Published on February 26th, 2014 | by Tony5
Review: The Lego Movie Videogame
Who would have thought that a simple plastic brick that was first made in 1949 would still be loved worldwide and still be going strong after all this time, with children and even adults still to this day getting enjoyment out of this basic plastic toy, but what is the key to its success?
Not being a huge fan of the product myself (sorry internet) I couldn’t even begin to answer that question, but surely the love it still has today must be partly down to some of the licenses the game has in its catalogue. When you have the likes of such huge brands as Star Wars, Harry Potter, Lord of the Rings, Indiana Jones and Disney’s Cars in your back pocket, chances are you’ve not got to do much to have a big seller on your hands.
Lego games though are a different thing all together, as they seem to have their own following for people who perhaps don’t enjoy the toys themselves but find the game fun to play with kids or just friends.
We all remember our first Lego game, mine was Lego Batman in 2008, but to be honest with you these games have never been a must play when I’ve seen one released.
The Lego Movie Videogame ties in with the recently released movie on the big screen that sees the likes of Will Ferrell, Morgan Freeman and Liam Neeson all doing some voice work (even some acting) in it, and with big stars like this onboard with it you know it’s big.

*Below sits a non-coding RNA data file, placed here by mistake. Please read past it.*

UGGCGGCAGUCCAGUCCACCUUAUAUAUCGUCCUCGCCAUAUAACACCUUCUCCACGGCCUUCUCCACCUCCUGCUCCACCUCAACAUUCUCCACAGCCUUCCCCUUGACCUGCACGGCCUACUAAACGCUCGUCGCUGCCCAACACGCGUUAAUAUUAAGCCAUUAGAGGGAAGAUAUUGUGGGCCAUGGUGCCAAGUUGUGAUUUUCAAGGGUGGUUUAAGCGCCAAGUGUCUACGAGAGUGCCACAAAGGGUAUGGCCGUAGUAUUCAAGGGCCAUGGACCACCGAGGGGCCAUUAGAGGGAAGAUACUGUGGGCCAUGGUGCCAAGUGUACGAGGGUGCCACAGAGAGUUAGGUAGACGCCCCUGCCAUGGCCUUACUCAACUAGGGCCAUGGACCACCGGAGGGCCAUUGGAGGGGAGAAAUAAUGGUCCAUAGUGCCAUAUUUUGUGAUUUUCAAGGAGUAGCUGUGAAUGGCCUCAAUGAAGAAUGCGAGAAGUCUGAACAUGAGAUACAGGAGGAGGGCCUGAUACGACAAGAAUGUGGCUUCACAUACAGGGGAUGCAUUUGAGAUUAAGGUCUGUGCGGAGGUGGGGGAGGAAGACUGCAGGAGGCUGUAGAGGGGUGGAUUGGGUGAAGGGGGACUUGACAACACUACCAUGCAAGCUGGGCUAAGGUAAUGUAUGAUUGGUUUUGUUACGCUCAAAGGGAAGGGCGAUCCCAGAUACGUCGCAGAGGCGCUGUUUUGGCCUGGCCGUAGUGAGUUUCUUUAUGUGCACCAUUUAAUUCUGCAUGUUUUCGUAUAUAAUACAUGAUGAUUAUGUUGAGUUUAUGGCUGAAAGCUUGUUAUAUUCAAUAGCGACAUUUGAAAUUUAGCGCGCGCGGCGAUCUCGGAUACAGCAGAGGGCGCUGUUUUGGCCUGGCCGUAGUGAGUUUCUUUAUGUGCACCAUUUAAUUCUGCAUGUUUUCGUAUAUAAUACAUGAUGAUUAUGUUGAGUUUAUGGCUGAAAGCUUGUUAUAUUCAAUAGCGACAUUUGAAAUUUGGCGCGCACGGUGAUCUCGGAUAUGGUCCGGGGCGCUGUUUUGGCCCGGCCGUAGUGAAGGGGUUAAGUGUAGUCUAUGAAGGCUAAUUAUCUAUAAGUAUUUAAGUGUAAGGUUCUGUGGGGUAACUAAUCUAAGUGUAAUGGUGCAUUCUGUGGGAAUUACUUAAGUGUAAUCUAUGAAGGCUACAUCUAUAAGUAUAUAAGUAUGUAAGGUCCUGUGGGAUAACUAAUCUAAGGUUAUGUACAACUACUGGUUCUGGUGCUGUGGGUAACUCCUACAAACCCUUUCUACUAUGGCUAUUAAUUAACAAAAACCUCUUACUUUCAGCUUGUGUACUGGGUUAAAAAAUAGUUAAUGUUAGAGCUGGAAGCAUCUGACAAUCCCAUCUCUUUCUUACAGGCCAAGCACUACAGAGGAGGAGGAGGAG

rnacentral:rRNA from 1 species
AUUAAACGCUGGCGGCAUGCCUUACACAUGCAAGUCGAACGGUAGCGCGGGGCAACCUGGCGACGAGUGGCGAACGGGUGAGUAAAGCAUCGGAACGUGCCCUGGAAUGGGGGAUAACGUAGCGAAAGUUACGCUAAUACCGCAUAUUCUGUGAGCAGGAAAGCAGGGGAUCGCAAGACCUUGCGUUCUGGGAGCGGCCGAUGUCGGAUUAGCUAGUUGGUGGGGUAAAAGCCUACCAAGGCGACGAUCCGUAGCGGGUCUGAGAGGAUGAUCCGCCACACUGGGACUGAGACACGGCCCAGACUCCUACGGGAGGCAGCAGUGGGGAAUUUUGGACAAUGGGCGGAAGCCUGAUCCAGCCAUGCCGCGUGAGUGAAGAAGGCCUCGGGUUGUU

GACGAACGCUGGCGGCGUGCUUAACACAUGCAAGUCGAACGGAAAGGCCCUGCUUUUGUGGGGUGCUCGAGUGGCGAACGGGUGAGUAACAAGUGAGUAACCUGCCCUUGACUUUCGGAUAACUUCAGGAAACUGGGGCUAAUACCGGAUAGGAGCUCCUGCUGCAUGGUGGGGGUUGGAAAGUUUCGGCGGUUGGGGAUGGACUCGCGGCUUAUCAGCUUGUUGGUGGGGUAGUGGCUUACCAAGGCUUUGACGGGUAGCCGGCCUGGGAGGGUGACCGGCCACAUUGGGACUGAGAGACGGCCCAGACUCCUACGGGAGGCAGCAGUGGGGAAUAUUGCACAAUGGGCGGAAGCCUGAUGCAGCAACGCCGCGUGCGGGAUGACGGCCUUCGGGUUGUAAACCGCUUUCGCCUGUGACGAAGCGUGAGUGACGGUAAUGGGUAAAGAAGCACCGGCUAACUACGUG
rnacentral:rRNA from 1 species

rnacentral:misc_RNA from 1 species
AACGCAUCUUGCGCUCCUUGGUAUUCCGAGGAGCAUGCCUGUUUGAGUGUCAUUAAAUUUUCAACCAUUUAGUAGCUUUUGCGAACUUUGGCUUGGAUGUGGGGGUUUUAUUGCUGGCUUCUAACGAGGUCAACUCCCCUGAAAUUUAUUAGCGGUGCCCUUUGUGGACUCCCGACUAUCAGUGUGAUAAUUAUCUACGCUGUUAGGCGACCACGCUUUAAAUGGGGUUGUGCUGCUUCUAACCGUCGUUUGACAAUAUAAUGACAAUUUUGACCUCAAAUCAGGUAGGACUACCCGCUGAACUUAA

Now while not seeing the movie for myself just yet, I can tell you that the videogame does seem to follow the same story, but doesn’t seem to have many of the live action scenes that the film has. I would say if you’re planning on going to see the movie, go do that first then buy the game.
The story itself kicks off with you fighting the game’s evil bad guy called Lord Business who is trying to get hold of a weapon called the “Kragle” which he will use to end the world.
In comes your character called Emmet who’s a nobody in the world and even uses a manual on how to get through day to day life, so your typical hero it seems.
Working on a building site, soon things all change as he meets a character by the name of Wyldstyle who tells him he is “the special one” who they need to save the world from the evil Lord Business.
What follows is fifteen chapters of typical Lego fun in which you must build, work out puzzles and punch your way through with all the joy and fun you will have felt in all previous Lego games.
Listen, if you’ve played previous Lego games and liked what they offered, this game is a no-brainer by all means, so just go order it and ignore the rest of the review; for the guys who have dabbled in previous games, this is time for me and you to talk. You see I’ve never 100% a Lego game in my life, nor do I own a hand-made Lego figure of Yoda, but weirdly this felt like the best Lego game I’ve ever played.
Maybe this was because many previous games had focused too much attention on things I had no real love for.
I mean sure I like such things as Star Wars and Batman, but not to the point that I have a nerdgasm when seeing their latest costume or latest teased movie trailer, I just enjoy them on a casual level.
The Lego Movie Videogame plays that role perfect for me, as while yes it does have certain cameos with the likes of Batman, Superman and others, you feel like they are not forced down your throat, so I enjoyed it much more.
Lego games always have stuff away from the story for you to either enjoy or loathe, and this game is no different.
You have the much loved studs/game currency collection aspect of the game going on at all times, so just like other Lego games there is a reason to return long after the story is finished with.
With currency you can add to your list of characters who you can then use when making a return to previous levels with new characters that can now open previously locked parts of the level.